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Il Foglio is an Italian daily newspaper and news website. Its print edition, published in broadsheet format, has a circulation of about 25,000, and typically hosts conservative-leaning and pro-market views. Nevertheless, many of its journalists belonged to the leftist Radical Party, and the paper occasionally publishes commentary and analysis by independent and left-leaning voices. Il Foglio was founded in 1996 by the prominent Italian journalist and politician Giuliano Ferrara, but Claudio Cerasa has been the editor in chief since 2015. It is based in Rome.
Image of traffic in Los Angeles
Sara Kahn

From L.A. To Paris, Reflections On The Power Of Public Transport

For the author, the biggest surprise in living in Paris has been the city's efficient metro system. Her hometown of Los Angeles has an addiction to cars that is more than just unpleasant.


PARIS — Between 3:30 p.m. and 7:00 p.m. on an average weekday, you know what to expect in Los Angeles: traffic jams. The reality is that the city is always so full of cars that we pollute the air and our ears that locals are so used to they hardly notice it.

For this summer, which I've spent in Paris, that means I've developed a severe case of metro envy. My morning commute is a short 20 minutes. I walk to one station, get on the metro line and within 15 minutes, I have made it to my destination.

When I step off the train at my final destination, I am greeted by the sight of cyclists and pedestrians making their way around the city. Sure, there are cars around, but nowhere near the monopoly I'm used to back home.

By contrast, my hometown of L.A. is a sprawling city, designed around cars. To get from point A to point B, you are practically forced to get into a car, whether it is your own vehicle or a ridesharing service like Uber. L.A. is suffering from a severe case of too many cars and not enough public transport.

I am not saying the transportation system in Paris is perfect by any means. But the ability to travel within a city, often a walkable city, without stepping foot in a car or worrying about car payments is a luxury.

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Italians waiting for their vaccine
Alessio Perrone

Whatever It Takes? Mario Draghi, Vaccine Wars, Europe’s Burden

It was nearly nine years ago that Mario Draghi first burst onto the world stage. The Italian-born Draghi, who had recently taken over as the President of the European Central Bank, declared that he would do "whatever it takes' to save the Euro from speculative attacks. "And believe me," he added, "It will be enough."

That statement, on July 26 2012, and the policies to back it up, were aimed at helping multiple European countries — Ireland, Portugal, Italy, Spain and Greece — survive a severe debt crisis that followed the 2008 global financial crisis. Many came to see Draghi's bold action as an essential turning point in the Eurozone — and the stuff to earn the dapper economist a place in the history books.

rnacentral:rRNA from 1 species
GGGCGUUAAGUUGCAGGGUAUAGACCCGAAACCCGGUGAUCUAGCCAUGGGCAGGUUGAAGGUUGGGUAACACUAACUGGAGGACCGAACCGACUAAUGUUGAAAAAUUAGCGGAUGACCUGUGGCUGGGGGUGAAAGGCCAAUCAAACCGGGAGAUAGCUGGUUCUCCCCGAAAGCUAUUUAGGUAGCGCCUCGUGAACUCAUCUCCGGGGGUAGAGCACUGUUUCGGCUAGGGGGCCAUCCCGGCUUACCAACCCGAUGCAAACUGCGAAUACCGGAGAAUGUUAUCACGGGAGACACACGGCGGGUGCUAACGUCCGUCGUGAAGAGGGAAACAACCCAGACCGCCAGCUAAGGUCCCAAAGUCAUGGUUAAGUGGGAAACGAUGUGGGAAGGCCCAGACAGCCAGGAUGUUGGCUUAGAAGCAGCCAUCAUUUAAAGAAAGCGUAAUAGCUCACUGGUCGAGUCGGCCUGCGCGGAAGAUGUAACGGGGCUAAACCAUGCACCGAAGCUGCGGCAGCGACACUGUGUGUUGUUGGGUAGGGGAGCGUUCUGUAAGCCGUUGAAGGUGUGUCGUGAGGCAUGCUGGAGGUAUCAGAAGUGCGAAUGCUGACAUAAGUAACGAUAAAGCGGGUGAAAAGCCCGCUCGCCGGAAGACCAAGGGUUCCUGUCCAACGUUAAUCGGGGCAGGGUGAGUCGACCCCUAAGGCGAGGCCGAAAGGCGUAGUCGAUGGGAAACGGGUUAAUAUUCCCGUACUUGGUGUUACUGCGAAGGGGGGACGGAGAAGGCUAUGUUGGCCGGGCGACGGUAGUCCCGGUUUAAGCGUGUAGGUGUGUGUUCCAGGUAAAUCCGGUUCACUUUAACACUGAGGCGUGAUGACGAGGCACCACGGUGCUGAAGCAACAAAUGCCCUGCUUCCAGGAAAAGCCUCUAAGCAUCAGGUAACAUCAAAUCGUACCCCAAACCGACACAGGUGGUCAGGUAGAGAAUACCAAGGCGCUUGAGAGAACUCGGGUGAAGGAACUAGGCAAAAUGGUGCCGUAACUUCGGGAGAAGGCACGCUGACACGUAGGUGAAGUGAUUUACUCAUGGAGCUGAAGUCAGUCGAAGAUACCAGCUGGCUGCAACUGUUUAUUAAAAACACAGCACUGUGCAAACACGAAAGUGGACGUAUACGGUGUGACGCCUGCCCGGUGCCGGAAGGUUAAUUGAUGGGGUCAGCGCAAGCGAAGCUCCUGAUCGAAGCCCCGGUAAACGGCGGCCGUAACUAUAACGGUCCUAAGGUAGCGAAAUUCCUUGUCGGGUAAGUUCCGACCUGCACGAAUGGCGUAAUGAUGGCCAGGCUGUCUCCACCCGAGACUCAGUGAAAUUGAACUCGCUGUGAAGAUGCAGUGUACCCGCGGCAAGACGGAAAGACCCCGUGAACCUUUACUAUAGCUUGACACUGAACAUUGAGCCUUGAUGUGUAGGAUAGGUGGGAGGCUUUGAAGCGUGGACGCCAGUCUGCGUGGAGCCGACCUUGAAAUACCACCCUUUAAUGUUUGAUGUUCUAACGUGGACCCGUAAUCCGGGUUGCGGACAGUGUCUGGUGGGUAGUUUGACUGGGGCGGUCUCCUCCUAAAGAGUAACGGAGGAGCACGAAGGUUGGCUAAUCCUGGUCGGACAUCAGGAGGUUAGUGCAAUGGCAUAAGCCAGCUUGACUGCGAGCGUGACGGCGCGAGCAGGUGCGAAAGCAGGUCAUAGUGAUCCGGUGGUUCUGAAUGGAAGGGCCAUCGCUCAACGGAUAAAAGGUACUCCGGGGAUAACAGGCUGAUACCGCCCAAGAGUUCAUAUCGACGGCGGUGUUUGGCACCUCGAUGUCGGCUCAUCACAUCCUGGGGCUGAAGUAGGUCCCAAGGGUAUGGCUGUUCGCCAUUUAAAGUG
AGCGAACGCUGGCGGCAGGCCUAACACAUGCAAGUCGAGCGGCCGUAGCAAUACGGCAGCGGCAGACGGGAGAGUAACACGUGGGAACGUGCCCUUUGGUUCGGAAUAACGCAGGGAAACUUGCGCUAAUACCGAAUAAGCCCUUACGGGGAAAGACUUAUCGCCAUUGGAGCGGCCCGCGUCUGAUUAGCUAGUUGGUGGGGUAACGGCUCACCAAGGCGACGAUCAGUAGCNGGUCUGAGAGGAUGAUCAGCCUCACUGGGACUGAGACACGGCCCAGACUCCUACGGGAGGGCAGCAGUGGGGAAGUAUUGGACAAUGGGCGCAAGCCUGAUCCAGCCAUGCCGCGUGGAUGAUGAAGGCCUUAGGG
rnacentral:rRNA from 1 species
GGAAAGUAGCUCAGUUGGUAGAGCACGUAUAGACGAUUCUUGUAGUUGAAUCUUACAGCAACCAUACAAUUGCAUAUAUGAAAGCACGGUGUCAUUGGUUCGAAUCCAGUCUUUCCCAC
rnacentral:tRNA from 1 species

His skills in crisis management for the European economy also explains why Draghi, 73, was hand-picked last month by a wide range of Italian political leaders to step in to rescue his native country as a caretaker Prime Minister in the midst of the COVID-19 pandemic and accompanying economic crisis.

Yesterday, Draghi's first major decision as Italy's leader had a different flavor than his famous "whatever it takes' line: blocking the shipment to Australia of 250,000 Italian-made doses of the AstraZeneca vaccine.

The same day, large swathes of Italy were put under new coronavirus restrictions and experts said the new variants risked again overwhelming the country, exactly one year after it became the first Western epicenter of the pandemic.

The Italian government said the shipment was blocked because Australia was doing relatively well to contain the spread of the virus, and because of AstraZeneca's long-running delays to deliver vaccine doses to EU countries.

The decision comes as most European countries have stumbled in their vaccine rollouts, particularly compared to other Western nations such as the U.S., Israel and notably the UK following Brexit. Draghi is the first leader of an EU country to apply new rules to give member states teeth to fight back against unfulfilled orders by the manufacturers of the different vaccines.

"Something has changed" headlined La Repubblica, while conservative-leaning daily Il Fogliohad a blunter take: "Welcome to the global vaccine war."

Today's health crisis is of course very different from the debt crisis of nine years ago — it's far too early to tell whether Draghi's vaccine strategy will also be vindicated by history. But for Europe, there's a certain déjà-vu in seeing its own particular vulnerability to the latest illness spreading around the world. "Whatever it takes…" and whatever that means for a continent still trying to figure out how to be stronger than the sum of its parts.